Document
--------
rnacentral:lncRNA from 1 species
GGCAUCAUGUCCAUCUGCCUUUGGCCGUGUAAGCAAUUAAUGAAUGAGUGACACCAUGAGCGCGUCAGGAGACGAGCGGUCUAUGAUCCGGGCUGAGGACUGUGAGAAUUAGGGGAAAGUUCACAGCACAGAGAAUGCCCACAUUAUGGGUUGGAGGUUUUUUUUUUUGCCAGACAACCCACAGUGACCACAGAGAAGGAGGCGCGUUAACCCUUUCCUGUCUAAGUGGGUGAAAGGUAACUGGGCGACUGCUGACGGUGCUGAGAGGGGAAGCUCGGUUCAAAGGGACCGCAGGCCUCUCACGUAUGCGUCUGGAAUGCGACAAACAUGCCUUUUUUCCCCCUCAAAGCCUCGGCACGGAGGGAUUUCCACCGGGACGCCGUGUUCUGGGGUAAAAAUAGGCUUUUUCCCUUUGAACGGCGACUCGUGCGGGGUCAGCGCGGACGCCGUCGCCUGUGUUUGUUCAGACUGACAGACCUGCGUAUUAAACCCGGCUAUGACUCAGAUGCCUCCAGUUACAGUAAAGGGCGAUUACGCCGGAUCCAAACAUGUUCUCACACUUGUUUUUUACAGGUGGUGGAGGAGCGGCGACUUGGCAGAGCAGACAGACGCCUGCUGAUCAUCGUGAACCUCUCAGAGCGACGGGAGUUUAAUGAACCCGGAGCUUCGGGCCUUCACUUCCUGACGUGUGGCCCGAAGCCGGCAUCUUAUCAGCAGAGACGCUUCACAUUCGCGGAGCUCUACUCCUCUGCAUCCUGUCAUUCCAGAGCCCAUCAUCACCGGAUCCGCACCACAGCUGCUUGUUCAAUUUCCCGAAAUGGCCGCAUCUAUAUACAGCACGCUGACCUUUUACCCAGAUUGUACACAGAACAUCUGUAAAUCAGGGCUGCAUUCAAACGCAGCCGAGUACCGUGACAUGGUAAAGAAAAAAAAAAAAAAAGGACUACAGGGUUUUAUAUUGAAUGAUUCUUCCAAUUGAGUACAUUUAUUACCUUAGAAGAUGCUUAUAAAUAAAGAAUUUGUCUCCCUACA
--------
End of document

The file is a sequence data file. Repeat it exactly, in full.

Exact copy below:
rnacentral:lncRNA from 1 species
GGCAUCAUGUCCAUCUGCCUUUGGCCGUGUAAGCAAUUAAUGAAUGAGUGACACCAUGAGCGCGUCAGGAGACGAGCGGUCUAUGAUCCGGGCUGAGGACUGUGAGAAUUAGGGGAAAGUUCACAGCACAGAGAAUGCCCACAUUAUGGGUUGGAGGUUUUUUUUUUUGCCAGACAACCCACAGUGACCACAGAGAAGGAGGCGCGUUAACCCUUUCCUGUCUAAGUGGGUGAAAGGUAACUGGGCGACUGCUGACGGUGCUGAGAGGGGAAGCUCGGUUCAAAGGGACCGCAGGCCUCUCACGUAUGCGUCUGGAAUGCGACAAACAUGCCUUUUUUCCCCCUCAAAGCCUCGGCACGGAGGGAUUUCCACCGGGACGCCGUGUUCUGGGGUAAAAAUAGGCUUUUUCCCUUUGAACGGCGACUCGUGCGGGGUCAGCGCGGACGCCGUCGCCUGUGUUUGUUCAGACUGACAGACCUGCGUAUUAAACCCGGCUAUGACUCAGAUGCCUCCAGUUACAGUAAAGGGCGAUUACGCCGGAUCCAAACAUGUUCUCACACUUGUUUUUUACAGGUGGUGGAGGAGCGGCGACUUGGCAGAGCAGACAGACGCCUGCUGAUCAUCGUGAACCUCUCAGAGCGACGGGAGUUUAAUGAACCCGGAGCUUCGGGCCUUCACUUCCUGACGUGUGGCCCGAAGCCGGCAUCUUAUCAGCAGAGACGCUUCACAUUCGCGGAGCUCUACUCCUCUGCAUCCUGUCAUUCCAGAGCCCAUCAUCACCGGAUCCGCACCACAGCUGCUUGUUCAAUUUCCCGAAAUGGCCGCAUCUAUAUACAGCACGCUGACCUUUUACCCAGAUUGUACACAGAACAUCUGUAAAUCAGGGCUGCAUUCAAACGCAGCCGAGUACCGUGACAUGGUAAAGAAAAAAAAAAAAAAAGGACUACAGGGUUUUAUAUUGAAUGAUUCUUCCAAUUGAGUACAUUUAUUACCUUAGAAGAUGCUUAUAAAUAAAGAAUUUGUCUCCCUACA